• [0004]
    (Because the technology described in the Detailed Description section is in one embodiment, the World Wide Web environment, an overview of that environment is provided.) Because it facilitates electronic communications between companies, suppliers, and customers, the Internet is increasingly being used to conduct “electronic commerce.” The Internet comprises a vast number of computers and computer networks that are interconnected through communication links. Electronic commerce refers generally to commercial transactions that are at least partially conducted using the computer systems of the parties to the transactions. For example, a company representative can use a personal computer to connect via the Internet to a supplier's computer. The representative can then interact with the supplier's computer to retrieve needed information. The World Wide Web portion of the Internet is especially conducive to conducting electronic commerce. Many web servers have been developed through which suppliers and companies can make information on their product available through a web site. The products can include items (e.g., product description) that are delivered electronically to the company over the Internet and items (e.g., equipment) that are delivered through conventional distribution channels (e.g., a common carrier). A server computer system may provide an electronic version of a catalog that lists the items that are available. A user may browse through the catalog using a browser and select various items available to be accessed.
  • BRIEF DESCRIPTION OF DRAWINGS
  • [0005]
    [0005]FIG. 1 illustrates a document hierarchy in one embodiment.
  • [0006]
    [0006]FIG. 2 illustrates a web page for browsing through the hierarchy of non-document specifications in one embodiment.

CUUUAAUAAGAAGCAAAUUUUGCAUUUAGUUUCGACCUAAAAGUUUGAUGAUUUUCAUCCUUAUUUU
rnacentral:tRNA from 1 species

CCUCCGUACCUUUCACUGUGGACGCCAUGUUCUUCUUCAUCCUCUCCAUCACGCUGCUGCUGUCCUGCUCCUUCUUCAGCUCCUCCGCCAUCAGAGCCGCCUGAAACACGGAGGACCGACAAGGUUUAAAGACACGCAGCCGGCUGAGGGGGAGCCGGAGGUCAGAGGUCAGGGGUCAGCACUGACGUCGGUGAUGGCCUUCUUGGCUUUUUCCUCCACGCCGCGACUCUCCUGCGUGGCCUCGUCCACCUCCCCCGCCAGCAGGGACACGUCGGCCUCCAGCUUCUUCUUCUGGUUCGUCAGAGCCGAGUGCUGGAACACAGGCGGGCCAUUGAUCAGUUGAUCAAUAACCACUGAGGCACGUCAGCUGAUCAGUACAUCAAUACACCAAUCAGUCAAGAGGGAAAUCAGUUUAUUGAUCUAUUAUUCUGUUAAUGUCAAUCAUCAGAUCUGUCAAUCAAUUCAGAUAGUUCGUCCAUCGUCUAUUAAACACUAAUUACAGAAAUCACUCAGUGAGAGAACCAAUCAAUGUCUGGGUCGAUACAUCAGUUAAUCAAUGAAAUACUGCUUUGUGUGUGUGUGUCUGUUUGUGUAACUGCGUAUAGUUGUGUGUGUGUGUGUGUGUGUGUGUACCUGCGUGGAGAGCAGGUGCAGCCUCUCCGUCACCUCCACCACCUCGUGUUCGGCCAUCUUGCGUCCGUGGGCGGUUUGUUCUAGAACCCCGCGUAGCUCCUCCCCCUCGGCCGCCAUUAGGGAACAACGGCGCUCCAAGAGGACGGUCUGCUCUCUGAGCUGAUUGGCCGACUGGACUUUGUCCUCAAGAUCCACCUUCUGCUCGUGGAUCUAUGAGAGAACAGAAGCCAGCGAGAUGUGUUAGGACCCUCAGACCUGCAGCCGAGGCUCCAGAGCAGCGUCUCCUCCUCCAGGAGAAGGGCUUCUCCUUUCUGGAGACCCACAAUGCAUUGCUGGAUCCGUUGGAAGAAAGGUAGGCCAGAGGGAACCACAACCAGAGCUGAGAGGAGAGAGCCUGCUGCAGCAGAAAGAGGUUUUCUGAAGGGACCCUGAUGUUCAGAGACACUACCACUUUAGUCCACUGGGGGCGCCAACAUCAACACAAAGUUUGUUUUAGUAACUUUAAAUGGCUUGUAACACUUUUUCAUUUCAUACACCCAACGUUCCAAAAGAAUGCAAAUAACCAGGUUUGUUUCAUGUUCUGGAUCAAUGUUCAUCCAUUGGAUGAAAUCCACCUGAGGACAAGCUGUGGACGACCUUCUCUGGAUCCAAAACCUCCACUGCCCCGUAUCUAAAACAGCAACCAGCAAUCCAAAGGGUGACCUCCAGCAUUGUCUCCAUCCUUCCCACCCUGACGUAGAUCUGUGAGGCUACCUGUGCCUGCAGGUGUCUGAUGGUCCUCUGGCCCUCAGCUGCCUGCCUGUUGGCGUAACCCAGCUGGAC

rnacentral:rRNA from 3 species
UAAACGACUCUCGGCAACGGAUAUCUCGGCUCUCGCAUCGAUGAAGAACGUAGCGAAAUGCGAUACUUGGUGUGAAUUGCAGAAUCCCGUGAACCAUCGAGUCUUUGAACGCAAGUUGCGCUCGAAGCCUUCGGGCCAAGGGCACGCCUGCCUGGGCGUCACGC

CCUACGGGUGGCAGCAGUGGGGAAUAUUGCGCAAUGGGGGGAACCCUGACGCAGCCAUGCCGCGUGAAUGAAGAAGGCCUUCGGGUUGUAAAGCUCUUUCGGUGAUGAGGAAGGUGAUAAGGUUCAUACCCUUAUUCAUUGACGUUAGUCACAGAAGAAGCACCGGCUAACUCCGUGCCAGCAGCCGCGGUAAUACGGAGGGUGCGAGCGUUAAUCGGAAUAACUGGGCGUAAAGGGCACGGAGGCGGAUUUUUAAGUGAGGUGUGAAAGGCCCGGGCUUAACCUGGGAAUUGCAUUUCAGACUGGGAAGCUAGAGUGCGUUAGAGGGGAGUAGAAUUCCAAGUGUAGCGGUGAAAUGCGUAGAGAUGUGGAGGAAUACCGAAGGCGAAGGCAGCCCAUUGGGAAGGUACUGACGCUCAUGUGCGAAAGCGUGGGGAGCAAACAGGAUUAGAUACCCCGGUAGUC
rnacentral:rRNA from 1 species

• [0007]
    [0007]FIG. 3 illustrates a web page for displaying web site and expert specifications in one embodiment.
  • [0008]
    [0008]FIG. 4 illustrates a web page for updating associations between categories and web site and expert specifications in one embodiment.
  • [0009]
    [0009]FIG. 5 is a block diagram illustrating components used to implement the information management system in one embodiment.
  • [0010]
    [0010]FIG. 6 is a flow diagram illustrating the processing of the view component when a request is received to select a category of the hierarchy in one embodiment.
  • [0011]
    [0011]FIG. 7 is a flow diagram illustrating the processing of the view component when a request for web site and expert specification is received in one embodiment.
  • [0012]
    [0012]FIG. 8 is a flow diagram illustrating the processing of the administration component when a request for web site and expert specifications is received in one embodiment.
  • [0013]
    [0013]FIG. 9 is a flow diagram illustrating the processing of the administration component when a request to update web site and expert specifications is received in one embodiment.
  • DETAILED DESCRIPTION
  • [0014]